Briefly describe the work you do.
I build metal sculptures. I think of my work as an aerial form of calligraphy that captures a subject’s gesture or action. It is representational, in that my subjects are easily recognizable. At the same time, my sculptures distill form and movement in a way that rewards inspection. Often the images portrayed in my work resolve as viewers move around and see it from different angles. Creating a sense of discovery or revelation is a way to draw people in and make a connection with them.
I focus on public art as a way of making things that benefit whole communities. Public art is important because public spaces reflect the ways communities and individuals think of themselves in relation to others and to the larger world.
Tell us about your background and how that has had an influence on your work and on you as an artist.
When I was five my dad set me up with a workbench and tools. I spent many hours making things that I thought of as functional, even though the function was often mysterious or imaginary. I continue to work in this vein, producing artwork that typically has an active or functional aspect.
I approach art from the approximate direction of craft. The objects I find most moving reveal their makers’ appreciation for materials and the ways things are made. I went to welding school rather than art school to learn to make beautiful things. The critics whose opinions I value most are fellow welders.
At the same time there is a strong element of form for form’s sake in my work. My background in mathematics and art history led to an interest in exploring the ways unadorned shapes can resonate with a viewer on an emotional or visceral level.
The concept of the artist studio has a broad range of meanings in contemporary practice. Artists may spend much of their time in the actual studio, or they may spend very little time in it. Tell us about your individual studio practice and how it differs from or is the same as traditional notions of “being in the studio.”
There’s an analytical aspect to my practice. At least half of my sketchbook is filled with research notes, engineering calculations, materials lists, etc. I spend a lot of time in cafes and libraries working on my laptop, where a lot of my design work takes place.
I try to spend at least half of my time in the welding shop. My best designs are those most firmly grounded in the physical intuition or “feel” for tools and materials that comes from hands-on work. Shop time is also rewarding because it gratifies my inner child’s appreciation for fire and big noisy tools. I’m just getting to the point where I’m hiring other people to do some of the fabrication on my larger projects. Working with other fabricators makes me feel the need for hands-on shop time even more acutely.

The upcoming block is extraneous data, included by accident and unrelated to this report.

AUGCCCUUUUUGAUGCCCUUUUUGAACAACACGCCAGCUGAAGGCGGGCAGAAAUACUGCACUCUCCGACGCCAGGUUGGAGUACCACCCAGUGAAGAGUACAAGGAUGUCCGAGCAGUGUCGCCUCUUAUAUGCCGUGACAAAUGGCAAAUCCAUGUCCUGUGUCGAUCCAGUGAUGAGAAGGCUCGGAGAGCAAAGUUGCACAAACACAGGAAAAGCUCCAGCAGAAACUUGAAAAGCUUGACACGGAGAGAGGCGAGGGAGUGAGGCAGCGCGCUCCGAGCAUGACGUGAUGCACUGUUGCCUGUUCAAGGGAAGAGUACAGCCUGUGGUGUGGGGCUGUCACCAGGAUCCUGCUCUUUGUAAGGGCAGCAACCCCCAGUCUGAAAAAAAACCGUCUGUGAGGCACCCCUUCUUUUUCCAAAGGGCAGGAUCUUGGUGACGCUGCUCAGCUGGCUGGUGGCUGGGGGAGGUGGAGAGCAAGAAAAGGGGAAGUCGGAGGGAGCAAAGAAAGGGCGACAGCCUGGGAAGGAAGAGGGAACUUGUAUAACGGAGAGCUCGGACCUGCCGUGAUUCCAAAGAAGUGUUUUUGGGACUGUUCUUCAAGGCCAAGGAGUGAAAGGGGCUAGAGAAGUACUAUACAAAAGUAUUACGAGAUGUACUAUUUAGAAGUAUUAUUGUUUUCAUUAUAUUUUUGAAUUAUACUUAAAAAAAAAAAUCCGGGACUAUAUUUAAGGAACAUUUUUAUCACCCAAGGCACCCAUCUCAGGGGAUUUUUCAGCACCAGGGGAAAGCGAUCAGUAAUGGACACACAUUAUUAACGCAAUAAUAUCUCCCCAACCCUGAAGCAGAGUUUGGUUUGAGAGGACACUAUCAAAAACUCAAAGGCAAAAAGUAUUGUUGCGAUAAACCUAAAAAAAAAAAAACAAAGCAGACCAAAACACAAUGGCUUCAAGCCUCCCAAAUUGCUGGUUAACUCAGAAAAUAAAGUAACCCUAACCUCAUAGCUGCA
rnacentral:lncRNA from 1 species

What roles do you find yourself playing that you may not have envisioned yourself in when you first started making art?
I’ve been making art as long as I can remember. For most of my life I didn’t think of myself as a businessperson, and didn’t think I’d want to become one. While I begrudge the time I spend applying for commissions, marketing, bookkeeping, and otherwise running a business, I generally enjoy learning new skills. The bloom may fade when I’ve been at this a few more years, but for now I’m engaged by the process.
When do you find is the best time to make art? Do you set aside a specific time everyday or do you have to work whenever time allows?
I’m fortunate that I can be an artist full time. I limit myself to a standard 40-hour week as much as possible, so that I can stay connected with family and friends.
How has your work changed in the past five years? How is it the same?
The biggest change has been the switch to doing much of my design development on the computer. 3D cad software has come a long way. It allows me to design things I couldn’t have conceived of before. It’s a great tool for visualizing (and showing other people) what a piece is actually going to look like. It also allows me to go into the workshop with a set of accurate shop drawings, so fabrication has become more efficient and enjoyable.
How have people such as family, friends, writers, philosophers, other artists or even pop icons had an impact on the work you do?
I’m interested in traditional Chinese and Japanese ink painting. It’s amazing how much a skilled painter can reveal about a subject’s movement and feeling or essence using a minimum of brushwork. Looking at ink paintings has helped me clarify some of my goals for my own work in terms of economy and revelation.
Have you ever been pulled in the direction of a pursuit other than being an artist? What are your other interests?
I studied a lot of math and physics in college, and still take up a class or textbook occasionally. I became an architect and practiced for 13 years because I liked the idea of combining that rational, mathematical approach with a more intangible, intuitive design sensibility. As an artist I can explore that right brain/left brain synergy more freely.
When I was five my dad set me up with a workbench and tools. I spent countless hours making things that I thought of as functional, even though the function was often mysterious or imaginary.
I have experience and training in architecture, engineering, metal fabrication, mathematics, and art history. My art reflects my lifelong interest in nature and how things work.
All images copyright of the artist and used with their permission.